By Ernie McCray
INTRODUCTION: AARP is commemorating the civil rights movement on the 50th Anniversary of the landmark Brown vs. Board of Education decision by gathering firsthand accounts from that era. Oh, I could write a book, but they wanted but a few words, so in 500 words or less I sent them the following.
Some time ago I spent time with a delightfully insightful class of high schoolers who wrote scenes based on black history stories I shared with them from my life of 65 years.
As I talked about a trip my mother and I took to Detroit to visit a cousin back in the summer of ‘49 when I was eleven years old, these young people were with me all the way. They grasped why I was relieved that we weren’t travelling down south when I painted pictures in their minds of “Colored Only” water fountain signs and of sitting at the back of the bus and of making sure I stepped into the gutter if I dared to pass a white person on the street. They sensed how such injustices make people feel. And they understood why I was also relieved that we weren’t visiting states that were nearly barren of African Americans like South or North Dakota where people would stare at me as though I was one of the wonders of the world. They could see how I thought the trip to Detroit would be a treat because the word out on the street was that up north, back east, black people were doing great.
But then we stepped from the cab onto the sidewalk in front of our cousin’s house and when I saw all the bold hateful “Nigger, go home!” graffitti on the ground I was ready to turn my little black self around and run to anywhere that was faraway from there. And then a few days later the house was set on fire - with us in it. And I didn’t want to stay in the Motor City another minute.
Oh, that was one scary vacation. And when the students put the story into dramatic pieces to be read, their words brought tears to my eyes. They heard everything I said, and wrote their impressions in a wonderful spirit of empathy and love.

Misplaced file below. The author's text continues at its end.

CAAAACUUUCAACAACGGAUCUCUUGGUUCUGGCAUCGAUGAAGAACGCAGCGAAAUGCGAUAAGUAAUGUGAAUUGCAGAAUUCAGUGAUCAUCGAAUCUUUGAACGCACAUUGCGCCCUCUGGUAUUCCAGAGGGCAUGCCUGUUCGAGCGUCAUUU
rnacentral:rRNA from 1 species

They wrote of pieces of concrete that spoke to each other, one so ashamed it exclaims: “Well, at least in this dark no one can see this horrible...horrible word on me.”
One scene caught the very essence of me pleading with my mother: “Please, let’s get out of here,” and she teaches me a lesson of life with: “Sometimes when things are rough, that’s when people need you the most.”
A house, a soulful house, speaking metaphorically as me, says: “Oh, why would someone do this to me? I am such a young house. I have never done any wrong. What is the meaning of this?” And a bird answers this question in another scene when she says to another bird: “It just doesn’t make sense.”
But with their keen abilities to understand, and in their eloquence, the students made nothing but sense. By taking concepts from another day and giving them meaning today, they give honor to the civil rights era by generating hope that there will be a better day.
ACKNOWLEDGEMENT: The young people mentioned in this piece are students at Bonita Vista High who were writing under the guidance of the Playwrights Project, an organization that sponsors an annual playwrighting contest for teenagers and produces the winning plays at the Old Globe’s Cassius Centre Stage.